Comprehensive works in the energy sector were also carried out within the framework of the restoration program, based on the strategy for transforming the liberated territories into “green energy” zones and connecting the energy infrastructure in those territories to Azerbaijan’s general energy system. In 2021, with a total capacity of 20 megawatts, “Gulabird”, “Sugovushan-1” and “Sugovushan-2” small hydroelectric power stations (HPS) were reconstructed and put into operation in the liberated territories. In total, nine digital substations were built in the Karabakh and East Zangezur regions. Simultaneously, in the Aghdam and Jabrail regions, the construction of “Aghdam-1,” “Aghdam-2,” and “Jabrayil” substations as well as the Karabakh Regional Digital Management Center has been completed.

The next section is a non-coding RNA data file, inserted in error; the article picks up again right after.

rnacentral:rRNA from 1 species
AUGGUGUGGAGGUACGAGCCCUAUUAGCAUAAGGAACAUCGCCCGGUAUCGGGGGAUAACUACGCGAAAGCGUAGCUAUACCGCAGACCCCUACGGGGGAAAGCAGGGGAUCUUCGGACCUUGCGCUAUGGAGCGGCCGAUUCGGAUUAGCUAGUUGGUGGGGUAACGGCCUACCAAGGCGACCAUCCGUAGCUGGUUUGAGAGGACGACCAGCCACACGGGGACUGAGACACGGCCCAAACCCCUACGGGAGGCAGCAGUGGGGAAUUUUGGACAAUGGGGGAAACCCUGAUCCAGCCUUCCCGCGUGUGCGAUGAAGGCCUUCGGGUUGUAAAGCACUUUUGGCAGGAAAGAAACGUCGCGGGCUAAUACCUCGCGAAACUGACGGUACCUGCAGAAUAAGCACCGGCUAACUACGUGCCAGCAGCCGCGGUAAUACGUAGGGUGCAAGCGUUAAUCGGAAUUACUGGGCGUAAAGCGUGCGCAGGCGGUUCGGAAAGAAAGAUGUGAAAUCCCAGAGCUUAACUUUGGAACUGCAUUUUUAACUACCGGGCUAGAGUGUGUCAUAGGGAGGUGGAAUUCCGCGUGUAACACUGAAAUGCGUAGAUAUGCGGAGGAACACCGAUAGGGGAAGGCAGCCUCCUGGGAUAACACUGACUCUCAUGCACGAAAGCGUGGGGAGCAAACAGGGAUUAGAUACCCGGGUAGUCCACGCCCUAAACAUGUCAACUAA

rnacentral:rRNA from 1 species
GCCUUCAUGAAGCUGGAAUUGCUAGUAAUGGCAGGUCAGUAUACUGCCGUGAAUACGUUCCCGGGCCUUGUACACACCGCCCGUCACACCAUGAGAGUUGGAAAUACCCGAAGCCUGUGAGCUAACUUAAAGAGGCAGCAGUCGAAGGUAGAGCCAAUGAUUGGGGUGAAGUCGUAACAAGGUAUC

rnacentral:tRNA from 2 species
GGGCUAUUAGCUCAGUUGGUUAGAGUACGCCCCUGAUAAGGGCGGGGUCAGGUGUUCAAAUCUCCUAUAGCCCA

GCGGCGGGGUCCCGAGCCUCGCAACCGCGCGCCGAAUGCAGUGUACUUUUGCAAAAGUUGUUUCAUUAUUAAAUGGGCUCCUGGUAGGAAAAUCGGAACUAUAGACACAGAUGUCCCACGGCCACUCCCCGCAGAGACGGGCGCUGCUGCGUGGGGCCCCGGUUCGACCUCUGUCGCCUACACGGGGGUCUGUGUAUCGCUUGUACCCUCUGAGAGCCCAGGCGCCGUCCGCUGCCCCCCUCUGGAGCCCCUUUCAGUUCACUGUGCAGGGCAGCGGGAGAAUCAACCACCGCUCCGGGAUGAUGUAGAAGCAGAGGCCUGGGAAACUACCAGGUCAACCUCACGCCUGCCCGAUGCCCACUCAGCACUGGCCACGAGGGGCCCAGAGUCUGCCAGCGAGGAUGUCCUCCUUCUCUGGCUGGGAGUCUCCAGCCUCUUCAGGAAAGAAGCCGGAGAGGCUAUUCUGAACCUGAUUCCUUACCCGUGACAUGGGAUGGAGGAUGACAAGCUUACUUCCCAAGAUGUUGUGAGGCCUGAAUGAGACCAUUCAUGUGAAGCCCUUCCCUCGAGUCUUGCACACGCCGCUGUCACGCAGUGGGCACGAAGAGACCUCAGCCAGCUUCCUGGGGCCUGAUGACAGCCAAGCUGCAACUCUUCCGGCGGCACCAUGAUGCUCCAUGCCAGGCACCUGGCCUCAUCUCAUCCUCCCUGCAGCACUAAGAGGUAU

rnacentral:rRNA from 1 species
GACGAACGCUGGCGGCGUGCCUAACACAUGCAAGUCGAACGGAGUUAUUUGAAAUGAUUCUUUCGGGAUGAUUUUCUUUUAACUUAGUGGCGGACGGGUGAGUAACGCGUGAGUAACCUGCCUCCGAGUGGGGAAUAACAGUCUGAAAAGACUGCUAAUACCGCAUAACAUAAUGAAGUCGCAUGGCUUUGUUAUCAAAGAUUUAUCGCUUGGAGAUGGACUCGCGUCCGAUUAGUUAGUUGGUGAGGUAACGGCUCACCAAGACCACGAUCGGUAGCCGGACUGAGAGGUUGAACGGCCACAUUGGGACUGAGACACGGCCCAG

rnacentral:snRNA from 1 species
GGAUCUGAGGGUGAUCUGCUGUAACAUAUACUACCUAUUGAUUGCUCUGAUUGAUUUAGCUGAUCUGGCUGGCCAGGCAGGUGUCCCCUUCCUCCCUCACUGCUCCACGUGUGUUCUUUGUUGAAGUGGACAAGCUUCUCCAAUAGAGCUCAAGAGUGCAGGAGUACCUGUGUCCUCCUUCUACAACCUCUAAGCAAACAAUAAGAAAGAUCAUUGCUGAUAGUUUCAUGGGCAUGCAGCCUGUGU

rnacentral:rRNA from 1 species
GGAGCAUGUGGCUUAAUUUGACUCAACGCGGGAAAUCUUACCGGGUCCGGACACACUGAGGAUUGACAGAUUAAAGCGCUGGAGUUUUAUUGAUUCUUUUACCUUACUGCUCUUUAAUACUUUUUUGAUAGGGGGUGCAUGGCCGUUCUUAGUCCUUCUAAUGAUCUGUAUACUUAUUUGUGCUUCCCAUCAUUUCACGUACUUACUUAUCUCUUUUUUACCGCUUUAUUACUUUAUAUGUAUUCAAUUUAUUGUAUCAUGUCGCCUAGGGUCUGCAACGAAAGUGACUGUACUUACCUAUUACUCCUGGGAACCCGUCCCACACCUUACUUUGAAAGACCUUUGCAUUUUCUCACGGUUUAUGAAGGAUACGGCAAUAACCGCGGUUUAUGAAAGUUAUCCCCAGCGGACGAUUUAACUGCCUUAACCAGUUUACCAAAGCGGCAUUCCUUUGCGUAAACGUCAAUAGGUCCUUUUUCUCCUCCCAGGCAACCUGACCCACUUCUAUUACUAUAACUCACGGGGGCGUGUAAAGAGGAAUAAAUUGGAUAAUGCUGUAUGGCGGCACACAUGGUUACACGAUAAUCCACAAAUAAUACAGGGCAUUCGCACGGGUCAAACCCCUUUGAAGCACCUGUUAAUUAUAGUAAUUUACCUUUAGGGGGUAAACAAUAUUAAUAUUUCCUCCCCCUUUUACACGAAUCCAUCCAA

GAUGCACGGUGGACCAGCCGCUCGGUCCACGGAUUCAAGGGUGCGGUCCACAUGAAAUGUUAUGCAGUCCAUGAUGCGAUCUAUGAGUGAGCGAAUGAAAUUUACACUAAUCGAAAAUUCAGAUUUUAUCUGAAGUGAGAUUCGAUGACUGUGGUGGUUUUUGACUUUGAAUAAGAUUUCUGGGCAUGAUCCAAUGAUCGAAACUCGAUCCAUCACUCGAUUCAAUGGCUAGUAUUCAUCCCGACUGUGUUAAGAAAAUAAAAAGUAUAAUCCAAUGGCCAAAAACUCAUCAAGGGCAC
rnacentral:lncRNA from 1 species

The other important project in the energy sector was the foundation of the Digital Station Management Center in Fuzuli. This project, implemented for the first time in the South Caucasus, allows through automation to reduce the impact of the human factor on the operation of the network, increase reliability and reduce losses during the transmission of electricity. All these projects in the energy sector serve to maintain the energy security in liberated territories and to transform these territories into “green energy” zone.